I've been busy preparing for my family's Thanksgiving dinner, but thought I should rush out an article on how I'm going to prepare my gravy this year. This recipe is from The New Best Recipe and is made in three steps.
Since it's not Thanksgiving yet, I'll describe what I'm planning on doing this year - I don't have my copy of the New Best Recipe in front of me, so I shall paraphrase and write as if I had already done this (but keep in mind I have not).
First, I took the giblets (neck, heart, gizzard, etc.) that we set aside when preparing the turkey for roasting and sauteed them in a tablespoon of vegetable oil. Once they were brown, I threw in a chopped medium onion and continued to saute until the onions became tender. I covered the pot and let the giblets and onion cook for about twenty minutes over low heat.
Then, I poured in six cups of turkey stock and tossed in 2 sprigs of fresh thyme with 8 stems of fresh parsley. I brought the mixture to a boil and then allowed it to simmer for an additional thirty minutes. At this point, the first step is complete and the broth can be refrigerated for later use in gravy making.
On the day that the turkey roast occurs, I brought the broth to a simmer. While the broth was heating, I melted three tablespoons butter and whisked in a 1/4 cup all purpose flour to make a roux. I continued to cook and whisk the roux until it became a nice shade of brown. Pouring a little at a time, I whisked in four cups of simmering turkey broth (reserve one cup for use later). I worked out all the lumps and let the mixture simmer for thirty minutes before removing it from the heat.
Once the turkey has been removed from the oven and set aside to rest, I spooned off as much oil from the roasting pan as possible. (You can reserve this to mix some back into the gravy later as desired.) I deglazed the roasting pan with a cup of dry white wine and once most of the brown bits were craped off the pan with a wooden spoon, I added the reserved cup of turkey broth. Now, I poured the contents of the pan through a strainer into the four cups of gravy we had prepared while the turkey was roasting. (You can chop up the meaty giblets and stir them into the gravy if desired at this point.) Then I seasoned to taste with salt and pepper.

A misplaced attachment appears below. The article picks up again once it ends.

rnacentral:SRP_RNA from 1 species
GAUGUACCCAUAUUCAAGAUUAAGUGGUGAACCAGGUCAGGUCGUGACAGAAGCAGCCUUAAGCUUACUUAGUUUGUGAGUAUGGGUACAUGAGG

Also, I think this recipe is a perfect example of why the recipe summaries (see below) should be used as kitchen notes or reminders and work well only if you've read the text of the recipe first.
Giblet Pan Gravy (makes about 6 cups) Turkey broth (makes about 5 cups)
1 Tbs. vegetable oil
cover 20 min.
simmer 30 min.
1 medium onion, chopped
1-1/2 quarts turkey stock
2 sprigs fresh thyme
8 stems fresh parsley
Gravy (make while turkey roasts; makes about 4 cups)
I followed these instructions (more or less) this year and the result was wonderful. The powdered 'gravy' that the hostess had planned on using went back in the drawer pretty quickly once this arrived. That and the cranberry sauce from Ming Tsai (http://www.foodnetwork.com/food/recipes/recipe/0,,FOOD_9936_17018,00.html) and a soy-maple brined turkey (http://www.recipezaar.com/mycookbook/getrecipe.zsp?id=23686) and this thanksgiving was food paradise.
My mom uses the turkey broth that she drains from the turkey roasting and uses that in her giblet gravy. She makes sure she runs it through a colander first though. Then she adds the turkey neck meat, as the other goodies (liver, heart, etc,...) she chops and puts into the cornbread stuffing. If the gravy needs additional broh she uses cans of chicken or even veggie broth. She adds corn starch to the gravy as well as s/p to taste.
It is sure pretty tasty!
This suggestion may be covered elsewhere, but a good rule of thumb for any thickening agent:
Add cold roux to hot stock or cold stock to hot roux.
The finished product will come out much better if there is a significant temperature difference when combining them. Either start with cold stock, and bring the roux/stock mixture up to a simmer or let the roux cool to room temp before adding to the simmering stock.